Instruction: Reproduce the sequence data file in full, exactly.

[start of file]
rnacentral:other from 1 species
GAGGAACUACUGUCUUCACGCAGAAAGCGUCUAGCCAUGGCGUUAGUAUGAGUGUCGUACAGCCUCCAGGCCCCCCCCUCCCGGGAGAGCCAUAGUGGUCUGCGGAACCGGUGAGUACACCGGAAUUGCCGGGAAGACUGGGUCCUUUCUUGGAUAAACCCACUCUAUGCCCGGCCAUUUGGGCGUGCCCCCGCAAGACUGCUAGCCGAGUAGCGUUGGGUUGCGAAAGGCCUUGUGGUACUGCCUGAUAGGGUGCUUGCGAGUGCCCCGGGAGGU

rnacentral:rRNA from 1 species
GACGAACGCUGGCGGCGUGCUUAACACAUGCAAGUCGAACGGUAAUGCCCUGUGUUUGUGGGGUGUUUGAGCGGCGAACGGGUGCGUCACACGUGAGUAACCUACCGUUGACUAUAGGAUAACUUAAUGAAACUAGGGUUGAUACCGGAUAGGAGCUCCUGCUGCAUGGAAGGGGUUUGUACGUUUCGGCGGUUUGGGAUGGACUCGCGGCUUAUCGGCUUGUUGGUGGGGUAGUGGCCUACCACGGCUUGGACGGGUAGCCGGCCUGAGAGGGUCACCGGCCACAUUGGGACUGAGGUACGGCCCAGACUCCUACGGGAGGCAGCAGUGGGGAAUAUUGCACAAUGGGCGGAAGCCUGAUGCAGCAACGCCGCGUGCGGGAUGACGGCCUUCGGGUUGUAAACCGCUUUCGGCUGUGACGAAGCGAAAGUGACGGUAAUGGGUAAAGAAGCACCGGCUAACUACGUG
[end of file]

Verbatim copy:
rnacentral:other from 1 species
GAGGAACUACUGUCUUCACGCAGAAAGCGUCUAGCCAUGGCGUUAGUAUGAGUGUCGUACAGCCUCCAGGCCCCCCCCUCCCGGGAGAGCCAUAGUGGUCUGCGGAACCGGUGAGUACACCGGAAUUGCCGGGAAGACUGGGUCCUUUCUUGGAUAAACCCACUCUAUGCCCGGCCAUUUGGGCGUGCCCCCGCAAGACUGCUAGCCGAGUAGCGUUGGGUUGCGAAAGGCCUUGUGGUACUGCCUGAUAGGGUGCUUGCGAGUGCCCCGGGAGGU

rnacentral:rRNA from 1 species
GACGAACGCUGGCGGCGUGCUUAACACAUGCAAGUCGAACGGUAAUGCCCUGUGUUUGUGGGGUGUUUGAGCGGCGAACGGGUGCGUCACACGUGAGUAACCUACCGUUGACUAUAGGAUAACUUAAUGAAACUAGGGUUGAUACCGGAUAGGAGCUCCUGCUGCAUGGAAGGGGUUUGUACGUUUCGGCGGUUUGGGAUGGACUCGCGGCUUAUCGGCUUGUUGGUGGGGUAGUGGCCUACCACGGCUUGGACGGGUAGCCGGCCUGAGAGGGUCACCGGCCACAUUGGGACUGAGGUACGGCCCAGACUCCUACGGGAGGCAGCAGUGGGGAAUAUUGCACAAUGGGCGGAAGCCUGAUGCAGCAACGCCGCGUGCGGGAUGACGGCCUUCGGGUUGUAAACCGCUUUCGGCUGUGACGAAGCGAAAGUGACGGUAAUGGGUAAAGAAGCACCGGCUAACUACGUG